But sometimes I snuck up to the open garage where my Dad stood watching it come and overtake us. And I stood there beside him, and because he was there with me, so brave and calm, all the fear evaporated. We shared the awesomeness and the glory and the majesty of the storm together. I was in the center of the storm. But I was with my Dad. I was never afraid of a storm again.

Nouwen’s suggestion of meditating on the word in these times is a good one. You may feel overwhelmed with what is roaring about you right now. But your Father is always there with you in every storm. Sneak away now to stand with him. Fix your eyes on Him. Be still and know.

When I am afraid, I will trust in you. Psalm 56: 3

Even though I walk through the valley of the shadow of death, I will fear no evil, for you are with me; your rod and your staff, they comfort me. Psalm 23:4

So do not fear, for I am with you; do not be dismayed, for I am your God. I will strengthen you and help you; I will uphold you with my righteous right hand. Isaiah 41:10

I will hide beneath the shadow of your wings until this violent storm is past. Psalm 57:1 (NLT)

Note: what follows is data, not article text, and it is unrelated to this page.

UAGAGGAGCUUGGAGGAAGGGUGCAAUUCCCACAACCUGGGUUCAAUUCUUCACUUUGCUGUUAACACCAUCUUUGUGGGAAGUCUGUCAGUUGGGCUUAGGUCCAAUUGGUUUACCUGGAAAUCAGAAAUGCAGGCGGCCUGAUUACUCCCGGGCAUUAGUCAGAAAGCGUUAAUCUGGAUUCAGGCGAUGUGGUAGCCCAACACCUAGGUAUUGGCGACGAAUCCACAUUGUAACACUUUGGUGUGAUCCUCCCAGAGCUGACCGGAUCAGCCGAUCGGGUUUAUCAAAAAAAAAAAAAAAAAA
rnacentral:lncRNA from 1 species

More encouraging verses can be found here: Fear Bible Verses

 

Image, Storm by texaus1 https://flic.kr/p/R41Zbp

 

Except

I’m fighting down fears right now. But that “except” is there, holding me on the Rock.

I assigned the hill country of Seir to Esau, but Jacob and his sons went down to Egypt. Joshua 24:4

This unassuming sentence is tucked into a long account of the history of God’s people at the end of Joshua’s life. But the verse jumped out at me this last time I read it. At first it would seem that Esau got the better end of this deal. God gave Esau the hill country of Seir, but Jacob and his sons went down to Egypt – and we know what happened to them there.

Esau missed out on 400 years of slavery and 40 more years in the desert wilderness. He became very rich and great, with many chiefs. Genesis 36 is the account of Esau and his greatness, his many descendants, and their many chiefs. Esau had “kings who reigned in the land of Edom before any king ruled over the Israelites” (Genesis 36:31).

A commentary on Genesis 36 notes, “As F. Delitzsch says[i], ‘secular greatness in general grows up far more rapidly than spiritual greatness.’ In other words, the progress of the world far out distances the progress of the righteous who are waiting for the promise.”[ii]